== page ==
Sustainability is a big part of our professional and personal lives, and we hope that by sharing some of our sustainable home improvements we will inspire you to not only live a greener life, but also save yourself some money and support your local community projects.
Construction time: 25 hours
Tools: Electric plane, electric screwdriver, electric sander & jigsaw
Cost: £50 (£40 for fabric and £10 for delivery of pallets)
Money saved: £550
Our home is an end of terrace victorian house built to squeeze in next to an existing 16th century cottage. As a result the house has no square corners which makes it very difficult to optimise space. We wanted a large sofa, but could only fit a flatpacked sofa through the hallway.
I decided that rather than spending £600+ on a planned obselesence Ikea job that wouldn't be a prefect fit, or spending £1000+ on a custom built sofa to fit the size, it would be better to just build one!
I found a not for profit social enterprise called Northampton Wood Recycling who offer training and volunteering opportunties to those who are finding it hard to enter employment. Especially the long term unemployed or those with learning difficulties. They offer a commercial waste collection service for a reasonable price and then give away the materials to recycling projects such as this one. We paid a £10 delivery charge for the 18 pallets required for the sofa.
I designed the sofa to fit a very awkward space and so needed foam blocks cut to a very specific size. I contacted our local foam company who quoted £180. I brainstormed different alternatives such as baby matresses since they shouldn't be resold for safety reasons. In the end I visited my local second hand shop who gave me two king sizes memory foam mattresses for free. The shop was unable to sell them due to a law that prevents the sale of mattresses without fire labels, but there is no law preventing them from giving them away! I measured them up and cut them with a bread knife.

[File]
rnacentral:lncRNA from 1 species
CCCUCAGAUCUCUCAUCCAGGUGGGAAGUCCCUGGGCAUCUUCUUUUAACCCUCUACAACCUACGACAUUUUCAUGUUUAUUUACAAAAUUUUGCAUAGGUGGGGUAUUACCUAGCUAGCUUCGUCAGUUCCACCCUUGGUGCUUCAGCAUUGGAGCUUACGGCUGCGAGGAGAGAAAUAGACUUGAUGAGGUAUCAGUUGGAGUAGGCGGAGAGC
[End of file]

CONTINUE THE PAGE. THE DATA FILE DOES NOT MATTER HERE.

I have lots of fabric laying around so only purchased some offcut upholstery fabric for the underside of the cushions. We have a fabric shop in Northampton called The Millshop that sells upholstery fabric offcuts from as little as £1 per sq mtr.
Construction time: 40 hours
Tools: Electric plane, electric screwdriver, electric sander & jigsaw, cement mixer, trowl, bucket
Money saved: £100 in waste disposal + £100s compared to having a custom shed built.
Again, the pallets came from Northampton Wood Recycling who charged just £10 for delivery.
The roof is made from military surplus reinforced rubberised PVC tarpaulin, that I purchased from the same place that we get the materials for the Wayfarer Collection from (can also be found at most Army Surplus stores for about £50). The Victorian bricks were recycled from an outside toilet that was in the sheds place. The cladding was donated to me by a landscaper who had surplus wood from a job. The only raw materials I purchased was sand, ballast and cement to lay the bricks and foundation.
The real aim of this project was to renovate the garden whilst disposing of as little as possible. It would have meant moving nearly two tonne of bricks and rubble through our home. All unnecessary rubble was used in the foundation and the bricks were recycled into the base of the shed.
I already have lots of screws, but I'v found out screws can be picked up very cheaply at car boot sales.
Construction time: 4 hours
Tools: chainsaw, electric sander, sewing machine, hammer.
cost: £3 for upholster pins and chainsaw fuel!
The log was collected from a tree that had fallen, and carved with a chainsaw sanded and waxed with beeswax. The foam on top came from the same source as the sofa and leather was cut from old sofas that were left on the side of the road. Other great sources of recycled leather inlude old leather jackets or offcuts from factories.